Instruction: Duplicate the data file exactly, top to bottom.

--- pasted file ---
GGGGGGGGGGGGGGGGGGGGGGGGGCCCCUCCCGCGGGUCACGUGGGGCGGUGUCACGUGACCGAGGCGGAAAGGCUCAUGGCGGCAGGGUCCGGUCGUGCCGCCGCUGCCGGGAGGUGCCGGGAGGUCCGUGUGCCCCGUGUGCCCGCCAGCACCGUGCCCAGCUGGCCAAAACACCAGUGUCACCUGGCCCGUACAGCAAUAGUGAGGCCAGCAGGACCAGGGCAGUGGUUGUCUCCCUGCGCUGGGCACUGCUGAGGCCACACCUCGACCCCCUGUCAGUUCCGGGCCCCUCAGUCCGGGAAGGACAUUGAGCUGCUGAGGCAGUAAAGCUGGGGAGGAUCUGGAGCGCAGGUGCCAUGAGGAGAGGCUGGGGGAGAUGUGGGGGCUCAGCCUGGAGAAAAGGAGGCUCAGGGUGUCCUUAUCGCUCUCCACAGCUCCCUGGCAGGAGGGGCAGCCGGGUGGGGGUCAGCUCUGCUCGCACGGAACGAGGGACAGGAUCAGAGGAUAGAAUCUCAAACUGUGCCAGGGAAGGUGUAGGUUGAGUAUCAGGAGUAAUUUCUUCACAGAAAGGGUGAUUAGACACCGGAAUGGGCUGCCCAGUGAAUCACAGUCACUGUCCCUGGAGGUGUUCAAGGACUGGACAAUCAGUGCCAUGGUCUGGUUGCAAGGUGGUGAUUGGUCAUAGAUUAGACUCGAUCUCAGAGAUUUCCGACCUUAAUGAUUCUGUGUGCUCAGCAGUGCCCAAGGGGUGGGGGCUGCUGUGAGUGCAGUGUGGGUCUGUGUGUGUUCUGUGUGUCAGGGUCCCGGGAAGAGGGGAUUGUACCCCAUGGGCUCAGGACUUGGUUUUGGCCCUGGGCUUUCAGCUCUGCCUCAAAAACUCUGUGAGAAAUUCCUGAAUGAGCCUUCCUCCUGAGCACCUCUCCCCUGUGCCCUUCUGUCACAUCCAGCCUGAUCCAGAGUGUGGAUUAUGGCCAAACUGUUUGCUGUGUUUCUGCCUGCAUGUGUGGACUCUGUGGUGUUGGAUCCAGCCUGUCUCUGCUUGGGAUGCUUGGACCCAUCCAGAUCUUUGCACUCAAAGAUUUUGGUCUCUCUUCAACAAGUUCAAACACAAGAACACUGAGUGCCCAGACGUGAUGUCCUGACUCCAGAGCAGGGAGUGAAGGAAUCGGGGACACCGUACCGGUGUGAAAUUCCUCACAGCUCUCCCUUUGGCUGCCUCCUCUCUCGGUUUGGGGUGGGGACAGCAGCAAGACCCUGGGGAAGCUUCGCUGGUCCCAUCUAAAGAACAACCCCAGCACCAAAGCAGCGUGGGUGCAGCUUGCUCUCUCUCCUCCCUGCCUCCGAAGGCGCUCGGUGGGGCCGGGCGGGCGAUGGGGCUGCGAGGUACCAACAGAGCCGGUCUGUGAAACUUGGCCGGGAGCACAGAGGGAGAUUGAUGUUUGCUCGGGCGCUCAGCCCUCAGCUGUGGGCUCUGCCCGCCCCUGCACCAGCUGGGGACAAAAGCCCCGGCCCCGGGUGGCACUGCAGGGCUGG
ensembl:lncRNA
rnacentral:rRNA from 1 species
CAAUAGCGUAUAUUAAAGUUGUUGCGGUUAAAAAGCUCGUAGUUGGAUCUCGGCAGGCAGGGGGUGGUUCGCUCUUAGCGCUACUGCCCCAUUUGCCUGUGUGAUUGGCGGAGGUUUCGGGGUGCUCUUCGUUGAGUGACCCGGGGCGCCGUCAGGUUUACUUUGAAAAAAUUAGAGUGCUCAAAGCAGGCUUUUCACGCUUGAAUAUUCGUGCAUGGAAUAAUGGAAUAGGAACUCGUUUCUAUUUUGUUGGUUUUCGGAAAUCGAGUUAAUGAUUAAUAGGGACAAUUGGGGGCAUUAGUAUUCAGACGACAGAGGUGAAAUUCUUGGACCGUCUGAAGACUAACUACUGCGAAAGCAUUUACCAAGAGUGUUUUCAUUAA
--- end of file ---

GGGGGGGGGGGGGGGGGGGGGGGGGCCCCUCCCGCGGGUCACGUGGGGCGGUGUCACGUGACCGAGGCGGAAAGGCUCAUGGCGGCAGGGUCCGGUCGUGCCGCCGCUGCCGGGAGGUGCCGGGAGGUCCGUGUGCCCCGUGUGCCCGCCAGCACCGUGCCCAGCUGGCCAAAACACCAGUGUCACCUGGCCCGUACAGCAAUAGUGAGGCCAGCAGGACCAGGGCAGUGGUUGUCUCCCUGCGCUGGGCACUGCUGAGGCCACACCUCGACCCCCUGUCAGUUCCGGGCCCCUCAGUCCGGGAAGGACAUUGAGCUGCUGAGGCAGUAAAGCUGGGGAGGAUCUGGAGCGCAGGUGCCAUGAGGAGAGGCUGGGGGAGAUGUGGGGGCUCAGCCUGGAGAAAAGGAGGCUCAGGGUGUCCUUAUCGCUCUCCACAGCUCCCUGGCAGGAGGGGCAGCCGGGUGGGGGUCAGCUCUGCUCGCACGGAACGAGGGACAGGAUCAGAGGAUAGAAUCUCAAACUGUGCCAGGGAAGGUGUAGGUUGAGUAUCAGGAGUAAUUUCUUCACAGAAAGGGUGAUUAGACACCGGAAUGGGCUGCCCAGUGAAUCACAGUCACUGUCCCUGGAGGUGUUCAAGGACUGGACAAUCAGUGCCAUGGUCUGGUUGCAAGGUGGUGAUUGGUCAUAGAUUAGACUCGAUCUCAGAGAUUUCCGACCUUAAUGAUUCUGUGUGCUCAGCAGUGCCCAAGGGGUGGGGGCUGCUGUGAGUGCAGUGUGGGUCUGUGUGUGUUCUGUGUGUCAGGGUCCCGGGAAGAGGGGAUUGUACCCCAUGGGCUCAGGACUUGGUUUUGGCCCUGGGCUUUCAGCUCUGCCUCAAAAACUCUGUGAGAAAUUCCUGAAUGAGCCUUCCUCCUGAGCACCUCUCCCCUGUGCCCUUCUGUCACAUCCAGCCUGAUCCAGAGUGUGGAUUAUGGCCAAACUGUUUGCUGUGUUUCUGCCUGCAUGUGUGGACUCUGUGGUGUUGGAUCCAGCCUGUCUCUGCUUGGGAUGCUUGGACCCAUCCAGAUCUUUGCACUCAAAGAUUUUGGUCUCUCUUCAACAAGUUCAAACACAAGAACACUGAGUGCCCAGACGUGAUGUCCUGACUCCAGAGCAGGGAGUGAAGGAAUCGGGGACACCGUACCGGUGUGAAAUUCCUCACAGCUCUCCCUUUGGCUGCCUCCUCUCUCGGUUUGGGGUGGGGACAGCAGCAAGACCCUGGGGAAGCUUCGCUGGUCCCAUCUAAAGAACAACCCCAGCACCAAAGCAGCGUGGGUGCAGCUUGCUCUCUCUCCUCCCUGCCUCCGAAGGCGCUCGGUGGGGCCGGGCGGGCGAUGGGGCUGCGAGGUACCAACAGAGCCGGUCUGUGAAACUUGGCCGGGAGCACAGAGGGAGAUUGAUGUUUGCUCGGGCGCUCAGCCCUCAGCUGUGGGCUCUGCCCGCCCCUGCACCAGCUGGGGACAAAAGCCCCGGCCCCGGGUGGCACUGCAGGGCUGG
ensembl:lncRNA
rnacentral:rRNA from 1 species
CAAUAGCGUAUAUUAAAGUUGUUGCGGUUAAAAAGCUCGUAGUUGGAUCUCGGCAGGCAGGGGGUGGUUCGCUCUUAGCGCUACUGCCCCAUUUGCCUGUGUGAUUGGCGGAGGUUUCGGGGUGCUCUUCGUUGAGUGACCCGGGGCGCCGUCAGGUUUACUUUGAAAAAAUUAGAGUGCUCAAAGCAGGCUUUUCACGCUUGAAUAUUCGUGCAUGGAAUAAUGGAAUAGGAACUCGUUUCUAUUUUGUUGGUUUUCGGAAAUCGAGUUAAUGAUUAAUAGGGACAAUUGGGGGCAUUAGUAUUCAGACGACAGAGGUGAAAUUCUUGGACCGUCUGAAGACUAACUACUGCGAAAGCAUUUACCAAGAGUGUUUUCAUUAA